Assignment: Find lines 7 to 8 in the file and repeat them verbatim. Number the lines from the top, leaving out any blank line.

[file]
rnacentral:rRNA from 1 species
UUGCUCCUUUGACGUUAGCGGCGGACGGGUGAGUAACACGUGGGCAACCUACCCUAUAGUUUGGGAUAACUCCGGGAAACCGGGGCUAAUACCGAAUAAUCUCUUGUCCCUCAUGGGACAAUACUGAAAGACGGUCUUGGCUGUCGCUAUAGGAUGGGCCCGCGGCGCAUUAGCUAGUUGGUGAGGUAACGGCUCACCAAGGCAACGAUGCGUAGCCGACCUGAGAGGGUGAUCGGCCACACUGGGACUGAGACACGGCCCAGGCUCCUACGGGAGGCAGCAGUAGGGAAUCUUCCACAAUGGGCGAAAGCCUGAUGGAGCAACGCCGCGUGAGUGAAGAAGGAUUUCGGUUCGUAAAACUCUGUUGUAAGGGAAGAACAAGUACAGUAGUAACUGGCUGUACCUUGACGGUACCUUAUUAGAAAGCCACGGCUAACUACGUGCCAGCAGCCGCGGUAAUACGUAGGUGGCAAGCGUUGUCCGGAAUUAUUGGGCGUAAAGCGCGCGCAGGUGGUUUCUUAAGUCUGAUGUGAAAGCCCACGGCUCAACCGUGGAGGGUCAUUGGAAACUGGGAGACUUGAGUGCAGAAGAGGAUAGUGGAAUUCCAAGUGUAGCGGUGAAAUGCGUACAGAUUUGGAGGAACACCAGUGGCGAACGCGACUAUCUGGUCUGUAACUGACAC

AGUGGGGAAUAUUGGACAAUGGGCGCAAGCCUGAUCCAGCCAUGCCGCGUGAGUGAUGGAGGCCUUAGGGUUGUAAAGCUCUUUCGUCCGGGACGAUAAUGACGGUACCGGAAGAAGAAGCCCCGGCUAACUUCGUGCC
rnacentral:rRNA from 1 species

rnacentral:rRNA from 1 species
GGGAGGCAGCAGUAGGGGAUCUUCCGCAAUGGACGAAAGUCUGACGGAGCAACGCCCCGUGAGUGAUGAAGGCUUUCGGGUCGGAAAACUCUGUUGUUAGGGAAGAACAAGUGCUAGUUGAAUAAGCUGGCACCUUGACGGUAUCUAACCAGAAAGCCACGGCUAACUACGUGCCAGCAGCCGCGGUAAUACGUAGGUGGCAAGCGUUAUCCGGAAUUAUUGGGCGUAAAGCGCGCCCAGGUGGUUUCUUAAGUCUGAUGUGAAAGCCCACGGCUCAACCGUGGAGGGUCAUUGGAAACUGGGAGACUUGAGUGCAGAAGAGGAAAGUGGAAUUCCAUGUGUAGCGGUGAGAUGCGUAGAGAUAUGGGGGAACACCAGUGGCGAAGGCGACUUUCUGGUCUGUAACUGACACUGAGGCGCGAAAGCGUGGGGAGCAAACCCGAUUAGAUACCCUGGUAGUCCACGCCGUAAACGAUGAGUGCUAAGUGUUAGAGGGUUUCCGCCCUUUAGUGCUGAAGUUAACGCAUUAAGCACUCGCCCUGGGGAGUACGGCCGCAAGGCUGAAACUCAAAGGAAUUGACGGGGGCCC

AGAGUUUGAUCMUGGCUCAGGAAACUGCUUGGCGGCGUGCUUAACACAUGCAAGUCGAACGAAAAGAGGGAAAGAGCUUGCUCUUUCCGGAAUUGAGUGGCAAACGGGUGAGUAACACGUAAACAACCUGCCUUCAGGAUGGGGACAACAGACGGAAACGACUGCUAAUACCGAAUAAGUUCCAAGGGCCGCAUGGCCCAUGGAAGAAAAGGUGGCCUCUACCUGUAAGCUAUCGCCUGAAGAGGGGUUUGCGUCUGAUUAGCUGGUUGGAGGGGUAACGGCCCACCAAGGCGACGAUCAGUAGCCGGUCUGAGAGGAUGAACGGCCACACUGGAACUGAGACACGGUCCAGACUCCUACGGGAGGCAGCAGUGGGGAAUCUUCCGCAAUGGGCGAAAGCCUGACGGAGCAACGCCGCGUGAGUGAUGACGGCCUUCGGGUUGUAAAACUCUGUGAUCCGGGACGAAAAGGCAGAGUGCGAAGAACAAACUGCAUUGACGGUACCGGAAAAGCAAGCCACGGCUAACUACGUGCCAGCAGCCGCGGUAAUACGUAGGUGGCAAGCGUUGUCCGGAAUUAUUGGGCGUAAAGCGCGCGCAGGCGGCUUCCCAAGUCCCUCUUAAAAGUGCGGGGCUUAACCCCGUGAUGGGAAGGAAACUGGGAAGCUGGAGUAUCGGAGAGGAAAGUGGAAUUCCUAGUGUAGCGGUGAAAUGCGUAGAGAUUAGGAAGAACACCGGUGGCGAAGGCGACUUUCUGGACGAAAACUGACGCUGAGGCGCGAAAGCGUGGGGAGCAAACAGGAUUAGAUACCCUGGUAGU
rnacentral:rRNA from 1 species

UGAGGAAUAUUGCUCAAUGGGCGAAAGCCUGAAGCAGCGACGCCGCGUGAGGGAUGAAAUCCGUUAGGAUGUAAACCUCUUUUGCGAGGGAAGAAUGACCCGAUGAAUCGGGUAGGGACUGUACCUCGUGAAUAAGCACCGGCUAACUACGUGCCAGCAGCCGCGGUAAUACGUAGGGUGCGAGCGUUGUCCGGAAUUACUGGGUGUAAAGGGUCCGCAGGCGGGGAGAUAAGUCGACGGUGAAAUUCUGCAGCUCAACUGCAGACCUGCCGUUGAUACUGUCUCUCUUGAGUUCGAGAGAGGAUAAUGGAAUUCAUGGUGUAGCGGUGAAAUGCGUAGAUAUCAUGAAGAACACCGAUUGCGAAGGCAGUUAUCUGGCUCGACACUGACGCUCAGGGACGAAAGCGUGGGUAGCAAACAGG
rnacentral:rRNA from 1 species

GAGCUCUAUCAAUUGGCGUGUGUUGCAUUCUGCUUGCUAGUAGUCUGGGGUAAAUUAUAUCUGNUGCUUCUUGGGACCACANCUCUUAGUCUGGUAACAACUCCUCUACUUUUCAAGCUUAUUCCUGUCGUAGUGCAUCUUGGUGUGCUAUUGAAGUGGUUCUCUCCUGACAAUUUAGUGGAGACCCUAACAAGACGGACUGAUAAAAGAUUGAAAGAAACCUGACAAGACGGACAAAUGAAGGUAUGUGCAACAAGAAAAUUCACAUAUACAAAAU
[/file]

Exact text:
AGAGUUUGAUCMUGGCUCAGGAAACUGCUUGGCGGCGUGCUUAACACAUGCAAGUCGAACGAAAAGAGGGAAAGAGCUUGCUCUUUCCGGAAUUGAGUGGCAAACGGGUGAGUAACACGUAAACAACCUGCCUUCAGGAUGGGGACAACAGACGGAAACGACUGCUAAUACCGAAUAAGUUCCAAGGGCCGCAUGGCCCAUGGAAGAAAAGGUGGCCUCUACCUGUAAGCUAUCGCCUGAAGAGGGGUUUGCGUCUGAUUAGCUGGUUGGAGGGGUAACGGCCCACCAAGGCGACGAUCAGUAGCCGGUCUGAGAGGAUGAACGGCCACACUGGAACUGAGACACGGUCCAGACUCCUACGGGAGGCAGCAGUGGGGAAUCUUCCGCAAUGGGCGAAAGCCUGACGGAGCAACGCCGCGUGAGUGAUGACGGCCUUCGGGUUGUAAAACUCUGUGAUCCGGGACGAAAAGGCAGAGUGCGAAGAACAAACUGCAUUGACGGUACCGGAAAAGCAAGCCACGGCUAACUACGUGCCAGCAGCCGCGGUAAUACGUAGGUGGCAAGCGUUGUCCGGAAUUAUUGGGCGUAAAGCGCGCGCAGGCGGCUUCCCAAGUCCCUCUUAAAAGUGCGGGGCUUAACCCCGUGAUGGGAAGGAAACUGGGAAGCUGGAGUAUCGGAGAGGAAAGUGGAAUUCCUAGUGUAGCGGUGAAAUGCGUAGAGAUUAGGAAGAACACCGGUGGCGAAGGCGACUUUCUGGACGAAAACUGACGCUGAGGCGCGAAAGCGUGGGGAGCAAACAGGAUUAGAUACCCUGGUAGU
rnacentral:rRNA from 1 species